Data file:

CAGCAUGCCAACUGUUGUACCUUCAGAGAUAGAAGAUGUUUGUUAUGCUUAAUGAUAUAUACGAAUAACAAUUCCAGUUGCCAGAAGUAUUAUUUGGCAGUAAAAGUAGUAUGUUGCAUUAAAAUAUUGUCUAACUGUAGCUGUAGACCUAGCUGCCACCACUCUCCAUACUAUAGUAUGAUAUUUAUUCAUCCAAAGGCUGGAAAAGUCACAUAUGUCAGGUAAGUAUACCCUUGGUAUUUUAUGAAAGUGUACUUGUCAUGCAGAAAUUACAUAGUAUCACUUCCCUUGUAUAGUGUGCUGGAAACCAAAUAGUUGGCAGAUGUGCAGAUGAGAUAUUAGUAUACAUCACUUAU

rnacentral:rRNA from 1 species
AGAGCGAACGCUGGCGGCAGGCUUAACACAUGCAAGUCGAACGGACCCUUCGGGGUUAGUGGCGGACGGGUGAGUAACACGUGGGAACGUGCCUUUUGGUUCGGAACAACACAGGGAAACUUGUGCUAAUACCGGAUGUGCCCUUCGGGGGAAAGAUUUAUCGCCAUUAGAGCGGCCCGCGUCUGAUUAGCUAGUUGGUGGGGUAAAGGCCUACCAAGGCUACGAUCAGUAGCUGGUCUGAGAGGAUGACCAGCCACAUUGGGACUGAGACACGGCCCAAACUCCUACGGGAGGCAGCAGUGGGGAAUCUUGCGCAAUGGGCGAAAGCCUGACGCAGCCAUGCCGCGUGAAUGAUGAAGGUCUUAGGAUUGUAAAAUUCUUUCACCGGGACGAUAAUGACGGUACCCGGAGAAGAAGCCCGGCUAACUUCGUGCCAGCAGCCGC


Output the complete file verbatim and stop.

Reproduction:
CAGCAUGCCAACUGUUGUACCUUCAGAGAUAGAAGAUGUUUGUUAUGCUUAAUGAUAUAUACGAAUAACAAUUCCAGUUGCCAGAAGUAUUAUUUGGCAGUAAAAGUAGUAUGUUGCAUUAAAAUAUUGUCUAACUGUAGCUGUAGACCUAGCUGCCACCACUCUCCAUACUAUAGUAUGAUAUUUAUUCAUCCAAAGGCUGGAAAAGUCACAUAUGUCAGGUAAGUAUACCCUUGGUAUUUUAUGAAAGUGUACUUGUCAUGCAGAAAUUACAUAGUAUCACUUCCCUUGUAUAGUGUGCUGGAAACCAAAUAGUUGGCAGAUGUGCAGAUGAGAUAUUAGUAUACAUCACUUAU

rnacentral:rRNA from 1 species
AGAGCGAACGCUGGCGGCAGGCUUAACACAUGCAAGUCGAACGGACCCUUCGGGGUUAGUGGCGGACGGGUGAGUAACACGUGGGAACGUGCCUUUUGGUUCGGAACAACACAGGGAAACUUGUGCUAAUACCGGAUGUGCCCUUCGGGGGAAAGAUUUAUCGCCAUUAGAGCGGCCCGCGUCUGAUUAGCUAGUUGGUGGGGUAAAGGCCUACCAAGGCUACGAUCAGUAGCUGGUCUGAGAGGAUGACCAGCCACAUUGGGACUGAGACACGGCCCAAACUCCUACGGGAGGCAGCAGUGGGGAAUCUUGCGCAAUGGGCGAAAGCCUGACGCAGCCAUGCCGCGUGAAUGAUGAAGGUCUUAGGAUUGUAAAAUUCUUUCACCGGGACGAUAAUGACGGUACCCGGAGAAGAAGCCCGGCUAACUUCGUGCCAGCAGCCGC